As children grow up, they use sub-verbal language less and less and they tend to count more on words. To prove the intelligibility of sub-verbal language there are some families where the elder brother is able to translate the noises and movements of the younger brother: "In the group relationship between children belonging to the same family, the rapid interpretation and translation into intelligible verbal terms, of a sub-verbal way of communicating of younger brothers, and of their often difficult to understand way of verbalizing, shows the slowness and the gradualness of the transition from one type of communication to another[_] infantile jargon [_] can be translated" 6


5 Massucco Costa e Fonzi, pp. 36.
6 Massucco Costa e Fonzi, pp. 39.


  This last sentence introduces the topic of interpretation and translation and will acquire different meanings in the following parts of the course. For now we have dealt with the unconscious roots of the awareness of the mother tongue. In the following lessons we will deal with the question of linguistic self-awareness and of the languages learnt.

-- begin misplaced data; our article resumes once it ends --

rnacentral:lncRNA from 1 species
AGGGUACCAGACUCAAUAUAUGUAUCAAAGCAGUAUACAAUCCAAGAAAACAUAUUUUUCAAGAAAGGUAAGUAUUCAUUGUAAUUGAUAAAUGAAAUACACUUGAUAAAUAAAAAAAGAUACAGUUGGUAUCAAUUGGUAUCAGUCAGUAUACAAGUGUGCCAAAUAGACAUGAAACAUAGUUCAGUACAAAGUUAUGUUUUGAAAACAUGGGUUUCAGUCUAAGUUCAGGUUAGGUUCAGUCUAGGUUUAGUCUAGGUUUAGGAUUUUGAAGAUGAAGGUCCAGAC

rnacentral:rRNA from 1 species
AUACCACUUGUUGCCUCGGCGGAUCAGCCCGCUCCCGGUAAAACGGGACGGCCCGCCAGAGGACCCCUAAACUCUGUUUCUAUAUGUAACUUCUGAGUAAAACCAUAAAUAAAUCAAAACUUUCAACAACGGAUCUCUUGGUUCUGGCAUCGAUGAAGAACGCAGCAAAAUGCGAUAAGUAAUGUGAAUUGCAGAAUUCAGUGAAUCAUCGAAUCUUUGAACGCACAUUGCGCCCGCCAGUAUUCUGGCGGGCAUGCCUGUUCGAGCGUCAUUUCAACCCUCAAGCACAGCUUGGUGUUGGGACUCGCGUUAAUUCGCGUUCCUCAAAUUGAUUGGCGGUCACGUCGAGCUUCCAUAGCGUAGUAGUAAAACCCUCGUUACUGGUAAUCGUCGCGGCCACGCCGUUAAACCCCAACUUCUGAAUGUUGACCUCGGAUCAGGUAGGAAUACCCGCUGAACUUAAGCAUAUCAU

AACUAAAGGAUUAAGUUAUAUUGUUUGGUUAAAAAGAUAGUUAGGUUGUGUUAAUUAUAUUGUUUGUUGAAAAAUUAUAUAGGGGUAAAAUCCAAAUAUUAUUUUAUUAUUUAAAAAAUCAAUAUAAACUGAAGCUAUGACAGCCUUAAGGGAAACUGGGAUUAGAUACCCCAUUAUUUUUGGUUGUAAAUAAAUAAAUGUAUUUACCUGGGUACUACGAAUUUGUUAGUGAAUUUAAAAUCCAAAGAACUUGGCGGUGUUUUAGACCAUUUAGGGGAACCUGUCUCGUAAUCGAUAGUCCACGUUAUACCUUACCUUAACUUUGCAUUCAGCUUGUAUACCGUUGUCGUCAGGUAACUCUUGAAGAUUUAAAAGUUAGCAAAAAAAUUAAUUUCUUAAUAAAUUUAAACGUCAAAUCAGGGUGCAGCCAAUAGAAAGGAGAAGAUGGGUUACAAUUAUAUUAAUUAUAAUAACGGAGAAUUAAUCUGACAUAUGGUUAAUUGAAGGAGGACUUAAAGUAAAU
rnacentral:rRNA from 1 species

BIBLIOGRAPHY

Bettelheim, B. Love Is Not Enough; The Treatment Of Emotionally Disturbed Children. Glencoe, Ill., Free Press, 1950.

Bettelheim, B. The Empty Fortress; Infantile Autism And The Birth Of The Self. New York, Free Press, 1967.

Massucco Costa, A. - Fonzi, A. Psicologia del linguaggio,
Torino, Boringhieri, 1967.

Truffaut, F. Savage Boy [L'enfant sauvage], France, 1969.